The harder you work, the luckier you get

Public Relations counselors are a strange breed. We want to guide our clients in making the right moves (when to distribute a news release, where to distribute, how to distribute) but we don’t want to make ALL the decisions and many times the client is right, especially one as marketing savvy as Spencer Clements, president of William Cole, Inc., golf club and resort management.

Recently he told me exactly how he wanted an article to look about Traditions Club
in the most important vehicle for his target audience. It sounded like an ad!

I was at first skeptical, then I was cocky…oh, sure, I had met that editor; I have a working relationship with him. But he turned out to be she; a new editor. Oh, no! But actually she was more accessible, more amenable to using our material, so the client got exactly the article he wanted published in the newspaper he most desired.

 As I told my food PR friend Paula Murphy when she said she got “lucky”–the photo for a small Q&A was split off and became the cover photo of Flavor in the coveted, thinning HOUSTON CHRONICLE.  Oh, sure, Paula. Lucky. What I’ve learned in this business is the harder you work, the luckier you get.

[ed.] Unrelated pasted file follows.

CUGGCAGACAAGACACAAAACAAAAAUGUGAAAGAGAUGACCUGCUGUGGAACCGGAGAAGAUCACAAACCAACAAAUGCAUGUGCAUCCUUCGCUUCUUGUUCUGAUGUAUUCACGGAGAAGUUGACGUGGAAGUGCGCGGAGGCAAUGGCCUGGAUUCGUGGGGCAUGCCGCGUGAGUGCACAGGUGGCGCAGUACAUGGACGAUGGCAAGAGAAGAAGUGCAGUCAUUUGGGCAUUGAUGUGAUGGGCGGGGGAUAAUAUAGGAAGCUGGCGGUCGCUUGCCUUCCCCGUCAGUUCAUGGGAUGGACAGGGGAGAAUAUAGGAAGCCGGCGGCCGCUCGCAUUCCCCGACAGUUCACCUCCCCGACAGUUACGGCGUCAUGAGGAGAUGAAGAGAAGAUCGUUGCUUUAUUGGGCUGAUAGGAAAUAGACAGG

And here’s the promised blog recipe as my prolific basil bush is calling to me:  BASIL PESTO (makes about 3/4 cup) Ingredients: 1/4 cup pine nuts or walnuts, 8 medium garlic cloves, coarsely chopped, 4 cups packed fresh basil leaves, 1/4 cup olive oil, 1/4 teaspoon salt. 

1.  In a small dry skillet, toast the nuts over moderate heat, shaking the pan, until lightly browned, about 5 min.  Cool. 2.  In a food processor, finely choped the garlic.  Add the nuts and basil and pulse until finely chopped, scrapping down the sides as necessary.  With the processsor on, add the oil in a steady stream until incorporated.  This blog pesto can be refrigerated, covered, for up to 1 week or freeze. Serve over pasta or broiled fish or chicken.  ##

About shirleybarr

Houston-based Public Relations consultant specializing in marketing communications utilizing media relations as the primary tool.
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